Ahh, shooting in direct, harsh and/or unflattering sunlight. One of everyone’s least favorite situations. I’ll be the first to admit that if I have a choice between putting a couple in harsh light, or putting them in open shade, 99% of the time I will avoid the harsh light. That being said, sometimes you just can’t get around it. Maybe the wedding venue or chosen portrait location is just devoid of things to stand behind or under; no trees, no buildings…nothing. Other times the shaded areas with somewhat-decent light are just ugly. As a professional photographer, you can’t just say “Sorry you look so bad in the photos. It wasn’t my fault, the light was just terrible.” See how many more clients want to book you after that :) So now what? Embrace it and learn to work with it.

And even when you don’t have to, put your subjects in harsh light once in a while to practice, that way when you do have to you’ll have a few tricks up your sleeve. There are a few other techniques I could mention, including the use of reflectors, using off-camera flashes or strobes to overpower the sun, etc., but the focus of this post is mainly how to deal with harsh light without those. A lot of the time I don’t have an assistant with me to use a reflector, or to hold lights, etc.

Okay, so let’s get to it!

Proper Posing
Posing is so important and can make the difference between a great image and a terrible one. You always want to pose the subject in such a way that flatters them, and that’s never more true than when you’re in direct or harsh sunlight. Dark shadows in the wrong place, spotted light, blown-out highlights, etc. can all ruin an otherwise good image. Here are a few general posing guidelines I follow…

  • Turn the subject’s body away from the direction the sunlight is hitting them.
  • Turn the subject’s face back towards the sun.
  • If it’s too bright to keep their eyes open, just tell them to close their eyes (shocker!). Or if you really want their eyes to be open, the trick of “on the count 3, quickly open your eyes” and taking the photo then usually works pretty well.
  • Expose for the skin.
  • Always photograph on the shadow side of the face, which is also known as short lighting. The shadow part of the face should always be closer to the camera than the lit part. This is much more flattering as it allows the face to appear thinner and the shadows around the nose and chin provide depth.

Here are a few examples:

04 posing harsh light photo | for photographers 07 engagement photo harsh sun | for photographers

Once I started getting comfortable with harsh and direct light, I actually started seeking it out. I like dramatic and contrasty photos, and bright light and dark shadows are perfect for drama. Take a look at the following photo. I noticed the sun was hitting the staircase part of the building in such a way that most of it is in the shadows, but the stairs were being brightly lit. I had the couple turn their bodies away and their faces back towards the light, and this is the result:

01 south side pittsburgh engagement1 | for photographers 02 wedding photography harsh lighting | for photographers 03 posing in harsh light | for photographers

Now this next one was obviously later in the day and we weren’t dealing with midday sun, but it was still very bright and very direct. Instead of avoiding it, I had the couple get right up in there:

05 photograph short side of face | for photographers 06 photographing in harsh sun | for photographers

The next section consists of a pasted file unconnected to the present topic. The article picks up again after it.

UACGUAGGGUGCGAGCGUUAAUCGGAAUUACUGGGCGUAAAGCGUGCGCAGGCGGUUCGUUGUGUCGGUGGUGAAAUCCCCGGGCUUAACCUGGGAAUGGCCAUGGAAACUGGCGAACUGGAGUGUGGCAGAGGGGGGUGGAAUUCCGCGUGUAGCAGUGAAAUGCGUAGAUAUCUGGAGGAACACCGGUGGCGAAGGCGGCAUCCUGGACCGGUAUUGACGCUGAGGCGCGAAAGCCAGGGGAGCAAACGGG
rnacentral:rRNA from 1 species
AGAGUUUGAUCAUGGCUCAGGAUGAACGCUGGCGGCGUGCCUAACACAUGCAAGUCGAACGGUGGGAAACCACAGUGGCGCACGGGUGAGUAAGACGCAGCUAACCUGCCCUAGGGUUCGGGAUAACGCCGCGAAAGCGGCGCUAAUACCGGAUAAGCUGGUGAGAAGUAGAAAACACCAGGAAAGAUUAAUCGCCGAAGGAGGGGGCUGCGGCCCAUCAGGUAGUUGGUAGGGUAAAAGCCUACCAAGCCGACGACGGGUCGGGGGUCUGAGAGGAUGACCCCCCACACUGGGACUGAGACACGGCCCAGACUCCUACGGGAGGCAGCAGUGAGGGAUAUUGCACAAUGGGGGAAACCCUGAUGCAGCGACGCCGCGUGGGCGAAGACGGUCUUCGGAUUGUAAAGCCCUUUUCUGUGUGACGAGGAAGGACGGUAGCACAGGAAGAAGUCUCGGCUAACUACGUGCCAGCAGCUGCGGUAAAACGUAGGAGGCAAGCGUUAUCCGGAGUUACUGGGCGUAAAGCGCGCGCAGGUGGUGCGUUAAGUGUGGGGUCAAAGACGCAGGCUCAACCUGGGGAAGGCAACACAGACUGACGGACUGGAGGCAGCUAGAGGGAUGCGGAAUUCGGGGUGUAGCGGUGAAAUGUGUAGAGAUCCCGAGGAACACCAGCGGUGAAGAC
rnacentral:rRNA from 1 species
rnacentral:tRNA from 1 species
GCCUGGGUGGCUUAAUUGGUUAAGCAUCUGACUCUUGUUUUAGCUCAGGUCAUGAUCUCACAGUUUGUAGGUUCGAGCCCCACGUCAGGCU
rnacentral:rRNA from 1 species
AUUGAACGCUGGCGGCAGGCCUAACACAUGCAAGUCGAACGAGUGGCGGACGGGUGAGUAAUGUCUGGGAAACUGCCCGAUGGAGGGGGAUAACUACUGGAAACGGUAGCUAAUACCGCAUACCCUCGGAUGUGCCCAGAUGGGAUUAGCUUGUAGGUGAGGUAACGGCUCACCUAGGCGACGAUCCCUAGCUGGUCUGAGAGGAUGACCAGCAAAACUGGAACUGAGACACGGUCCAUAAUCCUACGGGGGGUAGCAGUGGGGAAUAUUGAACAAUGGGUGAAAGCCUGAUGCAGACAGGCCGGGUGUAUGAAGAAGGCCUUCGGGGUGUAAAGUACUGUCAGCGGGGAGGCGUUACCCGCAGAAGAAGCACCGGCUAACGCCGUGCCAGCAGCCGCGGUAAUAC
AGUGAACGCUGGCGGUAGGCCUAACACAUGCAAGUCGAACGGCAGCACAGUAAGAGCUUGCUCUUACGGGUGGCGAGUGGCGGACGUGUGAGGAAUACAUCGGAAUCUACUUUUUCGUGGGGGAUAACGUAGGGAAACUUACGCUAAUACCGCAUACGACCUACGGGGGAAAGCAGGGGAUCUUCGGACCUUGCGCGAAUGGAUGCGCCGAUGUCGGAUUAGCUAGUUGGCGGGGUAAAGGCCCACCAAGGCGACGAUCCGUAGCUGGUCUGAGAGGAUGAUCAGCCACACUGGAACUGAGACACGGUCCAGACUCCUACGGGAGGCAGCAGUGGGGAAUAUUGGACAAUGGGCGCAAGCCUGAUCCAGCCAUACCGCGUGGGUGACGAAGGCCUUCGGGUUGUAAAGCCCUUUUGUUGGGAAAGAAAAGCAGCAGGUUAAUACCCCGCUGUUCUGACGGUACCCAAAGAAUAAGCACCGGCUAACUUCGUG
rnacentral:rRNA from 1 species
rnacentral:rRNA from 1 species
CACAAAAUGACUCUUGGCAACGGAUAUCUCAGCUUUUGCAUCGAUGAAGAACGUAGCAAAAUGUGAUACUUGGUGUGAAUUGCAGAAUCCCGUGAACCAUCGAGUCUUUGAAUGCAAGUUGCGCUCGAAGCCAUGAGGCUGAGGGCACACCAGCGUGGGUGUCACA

This was one of those “beautiful location, terrible light” situations. We were at an apple orchard in the middle of the day, and it was BRIGHT and it was HOT. The only shade around was tiny little patches under the trees, which wasn’t an option. Instead of trying to make a tiny patch of shade work, I embraced the sunlight and had the bride turn her body away from the sun and then turn her face back into it while keeping her eyes closed.

08 wedding in bright sunlight | for photographers

You’ll notice that I broke my own rules on this next one. Their bodies are facing the light and the bride is turning her face away from it. I’m still okay with it and like the result :) They’re just guidelines after all, not rules that have to be followed :)10 photographing in harsh direct light | for photographers

09 how to pose in harsh light | for photographers

11 tips on posing in direct light | for photographers

Often times it’s okay to just have neither person looking into the light or worrying about short-lighting someone. Here the sun is hitting them straight-on:

12 engagement session harsh light | for photographers

 

Backlighting
Backlighting is always a go-to for a lot of folks, and for good reason. It’s beautiful. You don’t have to worry about unflattering shadows on the face. Posing the couple so the light is coming from behind or to the side of the couple works well in so many situations, and offers that amazing rim lighting around the hair and body that separates them from the background. Here are a few examples:

13 backlighting | for photographers 14 wedding photo backlight | for photographers

 

Backlighting is wonderful for group photos also….

15 photographing large groups in harsh light | for photographers 16 photograph group in harsh sunlight | for photographers

 

Silhouettes
Another great technique for bright direct light is silhouettes. Look for areas of contrast, or interesting background elements.

17 silhouette | for photographers 18 engagement photo silhouette | for photographers

 

Zoom Out!
Try zooming out and capturing more of the surrounding scene. In the next photo, I had the couple stand right in the sunlight, even though the light wasn’t flattering them at all. A tight, close-up shot wouldn’t have worked here; if you look closely you can see parts of the face and body that are blown out. But zoomed out you get an appreciation of the location we were at, and by putting them in a bright spot surrounded by dark shadows, it created a dramatic, contrasty image that leads your eye right to the couple.

19 photograph couple in harsh light | for photographers 20 portraits in harsh light | for photographers

 

Hide the Face
Sometimes you’ve already taken a variety of photos using the above techniques and want something different. Other times the light just sucks. Don’t shy away of getting a few photos of the subjects looking away from the camera, or covering their faces, or just not having their faces in the photo at all :)

21 pittsburgh city engagement | for photographers 22 wedding photos in direct sun | for photographers 23 photos in direct sunlight | for photographers

 

Hopefully that helps a little bit!